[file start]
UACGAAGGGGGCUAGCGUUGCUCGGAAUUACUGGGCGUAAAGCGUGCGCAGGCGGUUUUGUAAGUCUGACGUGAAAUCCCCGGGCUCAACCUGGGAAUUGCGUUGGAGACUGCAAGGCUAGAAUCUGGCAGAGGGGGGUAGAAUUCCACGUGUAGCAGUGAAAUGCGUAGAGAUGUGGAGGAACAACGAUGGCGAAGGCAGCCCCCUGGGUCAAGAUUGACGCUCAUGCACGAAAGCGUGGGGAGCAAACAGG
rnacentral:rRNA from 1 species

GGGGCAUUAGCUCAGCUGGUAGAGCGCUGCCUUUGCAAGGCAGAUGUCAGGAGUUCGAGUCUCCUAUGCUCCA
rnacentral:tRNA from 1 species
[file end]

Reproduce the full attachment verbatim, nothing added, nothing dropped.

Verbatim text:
UACGAAGGGGGCUAGCGUUGCUCGGAAUUACUGGGCGUAAAGCGUGCGCAGGCGGUUUUGUAAGUCUGACGUGAAAUCCCCGGGCUCAACCUGGGAAUUGCGUUGGAGACUGCAAGGCUAGAAUCUGGCAGAGGGGGGUAGAAUUCCACGUGUAGCAGUGAAAUGCGUAGAGAUGUGGAGGAACAACGAUGGCGAAGGCAGCCCCCUGGGUCAAGAUUGACGCUCAUGCACGAAAGCGUGGGGAGCAAACAGG
rnacentral:rRNA from 1 species

GGGGCAUUAGCUCAGCUGGUAGAGCGCUGCCUUUGCAAGGCAGAUGUCAGGAGUUCGAGUCUCCUAUGCUCCA
rnacentral:tRNA from 1 species